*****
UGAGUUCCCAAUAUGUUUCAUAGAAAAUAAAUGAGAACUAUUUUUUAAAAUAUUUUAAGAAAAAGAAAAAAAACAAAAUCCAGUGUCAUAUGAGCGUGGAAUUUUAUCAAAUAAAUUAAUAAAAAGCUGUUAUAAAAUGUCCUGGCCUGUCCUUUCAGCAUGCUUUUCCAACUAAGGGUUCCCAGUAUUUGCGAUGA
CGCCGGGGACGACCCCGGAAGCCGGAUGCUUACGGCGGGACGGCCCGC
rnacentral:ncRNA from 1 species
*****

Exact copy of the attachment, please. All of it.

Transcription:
UGAGUUCCCAAUAUGUUUCAUAGAAAAUAAAUGAGAACUAUUUUUUAAAAUAUUUUAAGAAAAAGAAAAAAAACAAAAUCCAGUGUCAUAUGAGCGUGGAAUUUUAUCAAAUAAAUUAAUAAAAAGCUGUUAUAAAAUGUCCUGGCCUGUCCUUUCAGCAUGCUUUUCCAACUAAGGGUUCCCAGUAUUUGCGAUGA
CGCCGGGGACGACCCCGGAAGCCGGAUGCUUACGGCGGGACGGCCCGC
rnacentral:ncRNA from 1 species